By Megan Alley
A local woman has found a way to honor veterans on Memorial Day, and throughout the year, with a commemorative garden in her backyard.
Othia Wagner, 62, of Goshen started the garden when she and her husband Jerry Wagner moved to the house in 1983. She was inspired to do so by memories of growing up in West Virginia and leaving flowers on the graves of those, including friends and family, who had served in the military.
Wagner, who is visually impaired, doesn’t have the ability to frequently visit the graves of her loved ones, so she made her own “little memorial.”
“That way, on Memorial Day and Veterans Day, I can honor them, even if I can’t travel everywhere to do that,” she said. “I thought, well, I could do my own little program here, even if it’s just me standing there by myself; I can do my own little memorial and it doesn’t have to be something grand.”
The garden is divided into sections – the Civil War, the Korean War, family and friends who are veterans, veterans from Clermont County that were killed in the Vietnam War, veterans from outside of Clermont County who served in the Vietnam War and veterans from Clermont County who served in the Middle East.
Each name features a flag and homemade plaque.
Wagner described her ritual for honoring the veterans.
“It’s really not anything elaborate,” Wagner said. “Every day, when I go out, and especially on Memorial Day, I’ll look at everybody’s name and say their name, and try to get a mental image of what they are, and thank them for their service.”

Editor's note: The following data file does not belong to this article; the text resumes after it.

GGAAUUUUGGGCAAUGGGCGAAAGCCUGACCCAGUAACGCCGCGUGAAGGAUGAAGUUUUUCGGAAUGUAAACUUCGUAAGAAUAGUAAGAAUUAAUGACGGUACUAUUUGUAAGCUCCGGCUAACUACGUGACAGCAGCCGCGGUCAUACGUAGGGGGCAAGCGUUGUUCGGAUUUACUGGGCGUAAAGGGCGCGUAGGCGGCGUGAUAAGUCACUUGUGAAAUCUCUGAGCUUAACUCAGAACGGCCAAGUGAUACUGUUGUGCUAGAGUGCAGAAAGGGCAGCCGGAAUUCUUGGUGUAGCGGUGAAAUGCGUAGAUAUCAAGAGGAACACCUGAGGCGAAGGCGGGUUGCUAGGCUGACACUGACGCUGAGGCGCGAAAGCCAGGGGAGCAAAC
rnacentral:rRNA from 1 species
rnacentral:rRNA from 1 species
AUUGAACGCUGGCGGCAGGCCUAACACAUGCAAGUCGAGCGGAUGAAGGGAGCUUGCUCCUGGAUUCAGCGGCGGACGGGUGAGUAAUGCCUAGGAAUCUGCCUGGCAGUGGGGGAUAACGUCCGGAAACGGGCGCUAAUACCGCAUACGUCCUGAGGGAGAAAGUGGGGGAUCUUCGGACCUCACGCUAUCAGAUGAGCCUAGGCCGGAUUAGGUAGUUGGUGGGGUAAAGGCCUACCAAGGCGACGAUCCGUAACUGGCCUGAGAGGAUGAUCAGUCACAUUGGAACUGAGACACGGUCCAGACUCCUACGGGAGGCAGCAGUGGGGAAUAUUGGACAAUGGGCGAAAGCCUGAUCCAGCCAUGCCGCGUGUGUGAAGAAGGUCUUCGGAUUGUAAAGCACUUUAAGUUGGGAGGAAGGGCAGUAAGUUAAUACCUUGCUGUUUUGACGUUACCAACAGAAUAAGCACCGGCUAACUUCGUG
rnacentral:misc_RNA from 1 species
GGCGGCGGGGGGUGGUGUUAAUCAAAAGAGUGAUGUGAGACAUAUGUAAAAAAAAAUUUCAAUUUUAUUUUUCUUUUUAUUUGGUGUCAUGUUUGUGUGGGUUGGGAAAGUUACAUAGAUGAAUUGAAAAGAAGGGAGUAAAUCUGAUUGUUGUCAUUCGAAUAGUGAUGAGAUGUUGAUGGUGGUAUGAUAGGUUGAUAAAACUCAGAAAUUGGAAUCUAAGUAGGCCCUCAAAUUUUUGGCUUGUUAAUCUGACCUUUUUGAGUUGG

She added, “It’s really just a little personal type thing, but it’s my way of saying thank you to them and remembering them.”
Wagner described what it’s like to have the garden, and pay tribute to the veterans.
“It brings about feelings of grief, but then after the initial grief was happiness and peacefulness … I can sit there and I can think about these people,” Wagner said. “I try not to dwell on the fact that these people aren’t here anymore, I try to dwell on the fact that they were here.”
She added, “It’s not like a cemetery; it’s a happy cheerful place.”
Wagner said that being surrounded by the names of people that have died helps her remember the life they lived.
“I feel like everybody that I’ve lost is not really gone, because even though it’s just a name on a log or a stone, they’re still here with me, and that makes me happy,” she said.